7. Mix onions, minced meat, rice, salt, pepper, carrot (why not experiment)

8. Trim spines of cabbage leaves.

9. Spoon 2-3 tablespoons mixture onto wider end of flattened out leaf.

10. Fold in sides and roll from wide end to narrower end.

11. Place all cabbage rolls into casserole dish and lined with flat cabbage leaves, cover after half filling with water.

13. Place in preheated oven (about 350f) for 30mins.

14. To make the sauce add butter to a pan and add flour. Heat for a couple of minutes.

15. Add other ingredients and bring to the boil stirring continually. Simmer for 20 mins.

16. Add the sauce to the golabki in the casserole dish, cover and cook for another half an hour.

17. Serve golabki covered in sauce and topped with chopped parsley, with ziemniaki (potatoes) and surówka (similar to coleslaw).

There are a series of adverts I absolutely love involving a supermarket chain called Biedronka (translates as ladybird and unsurprisingly that is their logo). They advertise their products by anthropomorphizing them and in a sea of adverts in which I do not understand, these come as a welcome relief as I can just enjoy the effect. They are are very well done.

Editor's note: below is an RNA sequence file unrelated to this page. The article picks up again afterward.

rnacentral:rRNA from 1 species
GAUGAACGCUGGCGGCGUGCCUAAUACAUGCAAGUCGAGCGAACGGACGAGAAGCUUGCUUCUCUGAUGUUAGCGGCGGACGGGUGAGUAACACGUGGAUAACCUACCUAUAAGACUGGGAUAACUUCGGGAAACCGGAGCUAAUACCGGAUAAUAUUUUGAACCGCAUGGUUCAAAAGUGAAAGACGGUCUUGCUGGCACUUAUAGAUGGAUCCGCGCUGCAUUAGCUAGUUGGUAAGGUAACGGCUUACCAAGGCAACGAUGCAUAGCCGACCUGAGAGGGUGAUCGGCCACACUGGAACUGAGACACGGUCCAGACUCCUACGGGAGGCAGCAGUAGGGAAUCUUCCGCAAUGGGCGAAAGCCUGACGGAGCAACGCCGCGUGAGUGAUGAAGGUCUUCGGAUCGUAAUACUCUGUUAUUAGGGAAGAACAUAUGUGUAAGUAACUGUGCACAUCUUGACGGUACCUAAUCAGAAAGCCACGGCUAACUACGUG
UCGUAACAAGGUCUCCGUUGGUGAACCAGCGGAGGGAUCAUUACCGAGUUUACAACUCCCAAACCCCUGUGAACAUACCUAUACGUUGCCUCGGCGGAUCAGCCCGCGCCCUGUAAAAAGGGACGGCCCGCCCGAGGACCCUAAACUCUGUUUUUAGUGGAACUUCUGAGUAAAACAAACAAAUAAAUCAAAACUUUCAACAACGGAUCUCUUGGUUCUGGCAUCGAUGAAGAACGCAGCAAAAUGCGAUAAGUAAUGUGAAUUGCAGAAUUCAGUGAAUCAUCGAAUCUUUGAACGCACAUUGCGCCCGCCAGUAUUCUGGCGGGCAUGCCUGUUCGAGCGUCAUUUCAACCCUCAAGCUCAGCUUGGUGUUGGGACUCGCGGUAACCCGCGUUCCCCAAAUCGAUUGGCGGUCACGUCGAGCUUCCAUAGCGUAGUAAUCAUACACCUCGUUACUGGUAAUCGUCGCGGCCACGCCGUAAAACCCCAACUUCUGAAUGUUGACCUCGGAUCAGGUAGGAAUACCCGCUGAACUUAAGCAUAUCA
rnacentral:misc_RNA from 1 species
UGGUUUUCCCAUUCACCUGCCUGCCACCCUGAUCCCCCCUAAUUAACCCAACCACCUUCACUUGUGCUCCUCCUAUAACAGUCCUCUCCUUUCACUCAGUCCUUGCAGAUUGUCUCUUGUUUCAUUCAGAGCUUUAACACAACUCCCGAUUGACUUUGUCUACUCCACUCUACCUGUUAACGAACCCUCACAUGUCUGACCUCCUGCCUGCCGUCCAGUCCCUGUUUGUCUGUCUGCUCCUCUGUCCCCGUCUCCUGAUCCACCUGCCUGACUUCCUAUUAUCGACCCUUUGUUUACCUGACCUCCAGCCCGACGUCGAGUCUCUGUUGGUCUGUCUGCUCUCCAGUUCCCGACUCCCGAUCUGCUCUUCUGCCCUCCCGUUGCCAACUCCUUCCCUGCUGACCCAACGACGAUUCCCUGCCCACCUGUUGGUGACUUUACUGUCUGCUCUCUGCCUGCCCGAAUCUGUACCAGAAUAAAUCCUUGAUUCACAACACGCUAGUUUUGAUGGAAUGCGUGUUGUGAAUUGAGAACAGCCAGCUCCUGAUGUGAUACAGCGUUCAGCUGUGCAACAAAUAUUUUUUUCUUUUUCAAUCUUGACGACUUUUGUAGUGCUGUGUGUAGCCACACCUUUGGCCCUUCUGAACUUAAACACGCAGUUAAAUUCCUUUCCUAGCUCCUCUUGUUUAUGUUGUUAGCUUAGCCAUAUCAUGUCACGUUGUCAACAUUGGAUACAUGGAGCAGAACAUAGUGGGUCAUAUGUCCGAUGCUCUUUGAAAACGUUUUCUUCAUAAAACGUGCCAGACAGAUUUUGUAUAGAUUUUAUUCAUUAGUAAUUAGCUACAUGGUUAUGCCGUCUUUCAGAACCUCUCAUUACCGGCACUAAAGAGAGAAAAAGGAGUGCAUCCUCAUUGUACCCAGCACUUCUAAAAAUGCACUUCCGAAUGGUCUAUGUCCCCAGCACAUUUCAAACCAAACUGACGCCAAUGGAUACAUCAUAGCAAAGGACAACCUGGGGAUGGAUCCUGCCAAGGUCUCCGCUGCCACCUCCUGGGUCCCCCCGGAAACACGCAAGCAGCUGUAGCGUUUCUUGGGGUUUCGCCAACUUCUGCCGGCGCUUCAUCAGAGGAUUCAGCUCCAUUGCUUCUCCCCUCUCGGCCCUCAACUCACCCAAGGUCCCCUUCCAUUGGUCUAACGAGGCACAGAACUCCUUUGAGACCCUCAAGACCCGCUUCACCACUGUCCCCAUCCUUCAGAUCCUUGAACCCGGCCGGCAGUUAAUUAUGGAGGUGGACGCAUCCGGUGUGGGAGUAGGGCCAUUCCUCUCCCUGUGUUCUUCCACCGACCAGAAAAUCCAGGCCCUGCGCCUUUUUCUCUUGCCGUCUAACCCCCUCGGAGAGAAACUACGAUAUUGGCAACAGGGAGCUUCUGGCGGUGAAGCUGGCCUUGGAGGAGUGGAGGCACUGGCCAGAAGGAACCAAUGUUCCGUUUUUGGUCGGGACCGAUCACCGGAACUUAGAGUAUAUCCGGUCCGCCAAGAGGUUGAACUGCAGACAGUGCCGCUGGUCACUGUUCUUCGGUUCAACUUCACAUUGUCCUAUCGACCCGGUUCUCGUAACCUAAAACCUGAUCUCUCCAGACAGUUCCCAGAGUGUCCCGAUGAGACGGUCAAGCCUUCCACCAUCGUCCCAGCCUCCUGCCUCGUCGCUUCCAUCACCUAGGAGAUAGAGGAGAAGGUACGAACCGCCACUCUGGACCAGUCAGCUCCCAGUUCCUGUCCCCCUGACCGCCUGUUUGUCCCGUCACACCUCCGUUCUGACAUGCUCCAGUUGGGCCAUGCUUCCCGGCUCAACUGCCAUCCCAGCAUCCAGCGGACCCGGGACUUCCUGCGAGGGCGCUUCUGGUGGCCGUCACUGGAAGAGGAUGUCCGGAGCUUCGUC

Below is one for Gołąbki


januhhh said...

Hello there, just in case you are concerned about such things (and I shall guess you are judging by your 'explication' of pierogi :)), "gołąbki" is a plural form, "gołąbek" being equal to "a pigeon".

Other than that, I too love the dish and am sure going to try and learn to cook that kind of complicated stuff.

Best regards!

whosthedady said...

Thanks januhh, i try to be as accurate as possible, I will edit and add that ASAP.
Thanks for comment

Anonymous said...

Can you please be vert specific about amounts....when you write a few, do you mean 3? When you write add a can of tomatoes, is this small or large?

jw connolly said...

I try to avoid using exact amounts for most recipes because I think it turns it more into a chemistry experiment.
'few' is generally regardedas 3 but it does not matter if you use 2or 4. Taste as you go.
Start with a 'smaller' can of tomatoes and add more if you want a stronger tomato taste.
These recipes vary not only from town to town but also from household to household so you dont have to worry about it being exactly accurate and therefore authentic.